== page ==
Since there is little new economic development in Pacifica, where is this pattern of unsustainable development about which CPUP complains?
CPUP has attacked the City of Pacifica for approving the Vistamar project. CPUP says a full Environmental Impact Report is required. The city planning staff hired an outside consulting firm to evaluate the project for CEQA compliance and an outside law firm to evaluate the project for legal compliance. Both consultants said the Vistamar project as approved fully complies with the law. CPUP complains that Vistamar will pave over wetlands (it is really a drainage swale) and cut down 57 trees (51 of which are saplings). The city conditioned its approval of the project on the Army Corp of Engineers, California Fish & Game, and the San Francisco Regional Water Quality Control Board evaluating the swale and issuing approvals. As for the 57 trees, the project sponsor agreed to replace every one of them with healthy trees more suitable to Pacifica’s climate. As for the six heritage trees to be removed, the sponsor agreed to first consider moving and replanting them and, if this is not possible, then replacing them with 18 trees of large size that are more suitable to this location. Finally, CPUP says there are geotechnical hazards on the site from superficial debris flow landslides. There is no evidence of this on this site for more than 30 years. Here too the sponsor agreed to have a geotechnical engineer conduct a site stability study, subject to review by both the city engineer and an independent outside consultant hired by the city, and will implement their recommendations. For every concern raised by CPUP, the city listened, fully investigated the issue, and fashioned an appropriate response through a transparent, open process. That is why the project received approval from the Planning Commission and the City Council. But this was not acceptable to CPUP.
Perhaps the members of CPUP should try talking with the City Council rather than using litigation to achieve the changes in the General Plan they would like to see. The courts are not the proper place to craft public policy.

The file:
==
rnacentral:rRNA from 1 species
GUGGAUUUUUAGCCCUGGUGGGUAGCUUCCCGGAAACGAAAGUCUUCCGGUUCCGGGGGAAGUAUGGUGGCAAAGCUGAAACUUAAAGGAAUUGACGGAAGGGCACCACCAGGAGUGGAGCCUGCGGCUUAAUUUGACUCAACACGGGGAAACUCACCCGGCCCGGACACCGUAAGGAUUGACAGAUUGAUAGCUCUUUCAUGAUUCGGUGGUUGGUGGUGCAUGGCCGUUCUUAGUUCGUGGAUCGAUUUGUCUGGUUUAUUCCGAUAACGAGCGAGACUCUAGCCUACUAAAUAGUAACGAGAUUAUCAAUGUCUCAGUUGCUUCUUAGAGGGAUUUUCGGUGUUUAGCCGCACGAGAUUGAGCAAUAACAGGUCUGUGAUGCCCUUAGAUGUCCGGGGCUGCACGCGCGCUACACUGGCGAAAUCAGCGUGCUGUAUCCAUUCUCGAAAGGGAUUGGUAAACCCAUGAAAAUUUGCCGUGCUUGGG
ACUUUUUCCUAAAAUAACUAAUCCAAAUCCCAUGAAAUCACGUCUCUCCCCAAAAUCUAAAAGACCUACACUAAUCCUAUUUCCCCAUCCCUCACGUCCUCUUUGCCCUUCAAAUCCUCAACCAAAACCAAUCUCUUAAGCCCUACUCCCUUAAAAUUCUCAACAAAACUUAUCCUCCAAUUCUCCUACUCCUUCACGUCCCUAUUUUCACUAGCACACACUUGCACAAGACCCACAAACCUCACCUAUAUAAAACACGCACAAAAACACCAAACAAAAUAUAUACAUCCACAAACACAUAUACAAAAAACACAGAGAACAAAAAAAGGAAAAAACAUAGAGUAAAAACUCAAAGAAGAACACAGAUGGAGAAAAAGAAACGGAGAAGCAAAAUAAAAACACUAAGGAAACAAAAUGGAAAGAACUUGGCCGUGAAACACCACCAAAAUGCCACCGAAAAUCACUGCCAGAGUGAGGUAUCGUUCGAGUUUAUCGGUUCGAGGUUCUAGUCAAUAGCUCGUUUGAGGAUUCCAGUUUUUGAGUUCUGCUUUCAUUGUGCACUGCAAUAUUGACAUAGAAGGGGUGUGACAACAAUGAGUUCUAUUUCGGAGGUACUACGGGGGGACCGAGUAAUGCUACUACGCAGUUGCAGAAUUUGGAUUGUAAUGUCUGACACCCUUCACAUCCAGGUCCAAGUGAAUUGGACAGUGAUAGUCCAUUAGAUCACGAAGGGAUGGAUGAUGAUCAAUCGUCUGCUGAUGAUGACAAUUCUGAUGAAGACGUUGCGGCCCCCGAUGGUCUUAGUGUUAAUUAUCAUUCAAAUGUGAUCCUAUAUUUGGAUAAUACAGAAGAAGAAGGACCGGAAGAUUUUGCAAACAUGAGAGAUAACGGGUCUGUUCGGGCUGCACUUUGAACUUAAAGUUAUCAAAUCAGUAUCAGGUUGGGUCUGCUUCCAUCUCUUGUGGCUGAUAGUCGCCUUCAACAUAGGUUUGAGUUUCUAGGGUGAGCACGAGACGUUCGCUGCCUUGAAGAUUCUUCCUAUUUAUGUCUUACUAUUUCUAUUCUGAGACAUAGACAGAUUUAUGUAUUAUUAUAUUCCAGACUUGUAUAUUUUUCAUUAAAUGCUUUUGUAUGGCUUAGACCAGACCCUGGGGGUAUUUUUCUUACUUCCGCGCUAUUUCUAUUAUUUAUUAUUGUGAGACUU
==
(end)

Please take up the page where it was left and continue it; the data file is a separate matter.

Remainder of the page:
John Kontrabecki |
January 15, 2021 at 10:33 AM
The lawsuit against the City of Pacifica for the Vista Mar project on Monterey Road was filed on Monday. It’s unfortunate that it had to come to this, but we have truly exhausted all other options. At the appeal hearing on November 23, three out of five City Council members did not listen to the many neighbors or the environmental and legal experts we hired. Thank you to our previous Mayor Deirdre Martin and Mayor Pro Tem Mary Bier for understanding that the General Plan calls for thorough geotechnical investigations prior to planning approvals for hazardous sites. Per prior agreement with the city, the developer will be responsible for the city’s legal expenses.
"The vision of our group is for an enlightened Pacifica to understand the warnings of homes falling into the ocean, that the duty of the City of Pacifica is to protect our safety. The city’s job is to ensure our infrastructure -- sewage, seawall, drainage, and hillsides are safe -- and that is the law. The moment of blank block books, landslides occurring where the city say none occur, hiding expert reports with inconvenient data, mysterious rezoning, superficial environmental reviews, all should be left to the days of darkness." (Summer Lee, Pacifica resident and co-founder of CPUP, the coalition of Pacificans for an Updated Plan and Responsible Planning)
For more information and to support and donate to our cause, go to www.CPUP.org
Christine Boles |
December 23, 2020 at 11:20 AM